It did have a panoramic view of a drill rig on neighboring property, so close it seemed to rise out of the lake spillway. But it’s down now. And for a while a huge long swath adjacent to the park was cut open, stopping traffic and reminding me as I watched them lay the pipeline, of tendonitis surgery on my wrist. But that area is now covered, reseeded, and except for the gap in the trees where it runs through woods is not ugly or traffic-stopping anymore. Things change. It’s the lesson of the seasons, especially autumn with the leaves flaunting their transformations.
This year as Jimmy went away for his big race, the kids and I participated in an event closer to home. Wanting to get them in on the fun, and hoping they were old enough to enjoy it, I signed us up for the Ives Run Trail Challenge. It’s a 4 mile course in nearby Ives Run Recreation Area surrounded by State Game Lands. Our seven-year-old son partnered up with an adult friend who wanted to introduce him to trail running, and I walked with our four-year-old daughter.
They both were the youngest participants, had a great time, and showed themselves what they could do. Our family turned a new leaf, one Jimmy and I have anticipated since having kids—they can now walk far enough and long enough for us to explore outdoors in the ways we love, leaving parking lots and trail heads far behind. This is why we chose to live in a place like Tioga County, where the sylvan aspects of Pennsylvania still predominate. The woods, lakes, streams, and accompanying wildlife are treasures worth more to us than any signing bonus or royalty check.
Intimately entwined with our state’s history of extractive industry (logging, tanneries, coal mining), is its history of state parks and recreation lands. Joseph T. Rothrock, the first Commissioner of Forestry in the early 1900’s, was a medical doctor as well as forester and developed camps in forest reserves for tuberculosis victims and others with respiratory illnesses. Later in the 1950’s, the new head of the Department of Forests and Waters (departments always morph and change names) set a goal of having every Pennsylvania resident no more than 25 miles from a state park. Though Maurice Goddard fell short of his goal, Pennsylvania now has one of the largest state park systems in the nation. And today the Department of Conservation and Natural Resources (DCNR) and Tioga County Partnership for Community Health sponsor events in these public lands such as triathlons, trail runs, and other outings to improve the quality of life for Pennsylvanians and visitors.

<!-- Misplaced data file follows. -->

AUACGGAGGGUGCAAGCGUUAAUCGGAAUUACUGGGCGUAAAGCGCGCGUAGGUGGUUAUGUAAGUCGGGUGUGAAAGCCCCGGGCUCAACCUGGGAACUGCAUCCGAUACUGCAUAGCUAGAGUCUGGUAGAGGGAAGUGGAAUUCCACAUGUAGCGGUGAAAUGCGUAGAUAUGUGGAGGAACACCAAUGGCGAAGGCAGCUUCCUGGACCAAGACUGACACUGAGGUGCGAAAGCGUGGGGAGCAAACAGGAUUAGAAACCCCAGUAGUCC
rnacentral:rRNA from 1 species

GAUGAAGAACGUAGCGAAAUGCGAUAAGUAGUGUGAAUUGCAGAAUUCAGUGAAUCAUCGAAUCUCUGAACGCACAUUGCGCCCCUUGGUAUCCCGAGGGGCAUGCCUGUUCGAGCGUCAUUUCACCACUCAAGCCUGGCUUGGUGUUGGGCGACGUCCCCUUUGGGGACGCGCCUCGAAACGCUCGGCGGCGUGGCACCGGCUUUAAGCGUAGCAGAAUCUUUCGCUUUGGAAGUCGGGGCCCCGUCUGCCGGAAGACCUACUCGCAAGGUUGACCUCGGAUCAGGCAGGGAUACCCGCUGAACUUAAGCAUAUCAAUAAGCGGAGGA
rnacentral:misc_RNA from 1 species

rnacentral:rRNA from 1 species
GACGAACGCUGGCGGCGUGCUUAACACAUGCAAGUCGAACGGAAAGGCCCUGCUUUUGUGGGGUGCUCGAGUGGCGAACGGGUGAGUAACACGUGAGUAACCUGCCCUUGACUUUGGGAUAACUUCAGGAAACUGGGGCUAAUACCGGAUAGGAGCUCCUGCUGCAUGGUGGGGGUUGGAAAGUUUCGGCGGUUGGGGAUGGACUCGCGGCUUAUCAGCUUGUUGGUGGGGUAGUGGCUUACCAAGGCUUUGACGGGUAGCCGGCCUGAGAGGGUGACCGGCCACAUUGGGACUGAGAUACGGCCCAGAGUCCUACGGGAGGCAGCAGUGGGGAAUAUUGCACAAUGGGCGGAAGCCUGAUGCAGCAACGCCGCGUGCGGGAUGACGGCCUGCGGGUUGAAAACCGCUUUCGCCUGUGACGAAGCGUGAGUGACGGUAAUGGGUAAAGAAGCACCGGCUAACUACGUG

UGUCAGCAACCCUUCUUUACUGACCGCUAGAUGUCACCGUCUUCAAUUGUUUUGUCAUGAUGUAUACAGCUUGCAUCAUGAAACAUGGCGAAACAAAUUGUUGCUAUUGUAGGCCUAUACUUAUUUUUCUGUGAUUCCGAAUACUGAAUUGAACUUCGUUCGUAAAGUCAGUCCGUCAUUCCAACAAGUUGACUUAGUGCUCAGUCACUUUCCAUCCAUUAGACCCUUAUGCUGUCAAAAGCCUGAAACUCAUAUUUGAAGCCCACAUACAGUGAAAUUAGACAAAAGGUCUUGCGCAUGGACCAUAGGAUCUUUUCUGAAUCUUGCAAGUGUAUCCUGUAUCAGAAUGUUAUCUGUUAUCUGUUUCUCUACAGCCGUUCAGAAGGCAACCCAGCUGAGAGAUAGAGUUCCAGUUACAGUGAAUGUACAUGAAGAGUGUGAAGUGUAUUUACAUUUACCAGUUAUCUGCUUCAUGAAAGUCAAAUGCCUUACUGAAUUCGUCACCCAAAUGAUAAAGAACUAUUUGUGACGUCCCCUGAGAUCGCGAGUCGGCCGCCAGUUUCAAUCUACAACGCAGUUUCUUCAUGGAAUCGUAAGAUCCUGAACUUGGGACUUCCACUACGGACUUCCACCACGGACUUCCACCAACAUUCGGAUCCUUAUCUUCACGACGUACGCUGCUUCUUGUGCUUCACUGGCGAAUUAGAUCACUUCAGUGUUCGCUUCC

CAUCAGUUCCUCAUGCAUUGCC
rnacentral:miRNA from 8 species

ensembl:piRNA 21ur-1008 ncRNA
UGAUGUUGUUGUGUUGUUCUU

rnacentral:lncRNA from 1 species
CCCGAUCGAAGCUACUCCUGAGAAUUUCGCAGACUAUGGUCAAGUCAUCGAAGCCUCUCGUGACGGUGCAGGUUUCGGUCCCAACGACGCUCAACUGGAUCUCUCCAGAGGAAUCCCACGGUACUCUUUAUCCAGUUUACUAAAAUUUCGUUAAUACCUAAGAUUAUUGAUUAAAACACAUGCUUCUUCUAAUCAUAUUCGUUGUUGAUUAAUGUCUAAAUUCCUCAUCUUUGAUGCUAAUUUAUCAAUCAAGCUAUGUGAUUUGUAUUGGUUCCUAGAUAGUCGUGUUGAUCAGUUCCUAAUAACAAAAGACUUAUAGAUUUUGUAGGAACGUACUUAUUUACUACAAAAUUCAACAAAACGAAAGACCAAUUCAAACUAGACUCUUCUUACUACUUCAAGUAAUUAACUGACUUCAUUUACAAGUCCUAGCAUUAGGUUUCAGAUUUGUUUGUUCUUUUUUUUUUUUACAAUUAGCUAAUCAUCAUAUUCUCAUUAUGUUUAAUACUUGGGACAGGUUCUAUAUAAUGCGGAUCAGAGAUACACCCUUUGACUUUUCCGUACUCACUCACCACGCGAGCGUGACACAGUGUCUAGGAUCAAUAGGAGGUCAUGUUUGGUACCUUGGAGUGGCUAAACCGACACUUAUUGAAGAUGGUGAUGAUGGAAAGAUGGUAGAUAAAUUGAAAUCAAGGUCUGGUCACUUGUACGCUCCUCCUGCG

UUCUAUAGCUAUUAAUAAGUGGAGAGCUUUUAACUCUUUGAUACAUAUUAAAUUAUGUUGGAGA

Recently, Governor Corbett has talked of privatizing the state parks, taking a core part of our common wealth—one residents have supported with bond referendums and avidly utilized for over a century—and stripping it of protections meant to guard the long-term benefits of mental and physical health for state residents, as well as the value to wildlife. I don’t share some people’s faith in a free market; I feel sure that putting state parks in the for-profit sector will quickly degrade the resource, as economic values trump all others.
Corbett also quickly repealed former Gov. Rendell’s policy to limit gas drilling impact in state parks. Corbett says the policy was redundant; supporters say it allowed the state to manage (not ban) the drilling impact on tourism and recreation. An article in the Pittsburgh Post-Gazette outlines the situation:
Pennsylvania has 117 state parks, 61 of them in the two-thirds of the state lying above the Marcellus Shale, a 380 million-year-old formation that might contain more than 500 trillion cubic feet of natural gas.
The mineral rights — including Marcellus gas deposits — under 85 percent of that park acreage are privately owned. Courts have ruled that the so-called “mineral estate” rights are superior to surface rights in Pennsylvania, and that the owners of underground mineral rights must be given reasonable access to develop those holdings, even when they lie under parks or other publicly owned land.
So even without privatizing state parks, Pennsylvanians must struggle with what the Marcellus Shale rush will mean to our public lands heritage. We must all be flexible as well as vigilant during the shifting season of this Marcellus Shale autumn. And when I get anxious about the changes, I head for the woods and wildlands that so many people have worked to conserve and protect. Ironically, in these stressful early years of the gas boom, we need the peace of deep forests and the negative ions produced by clear running streams more than ever as places to recharge.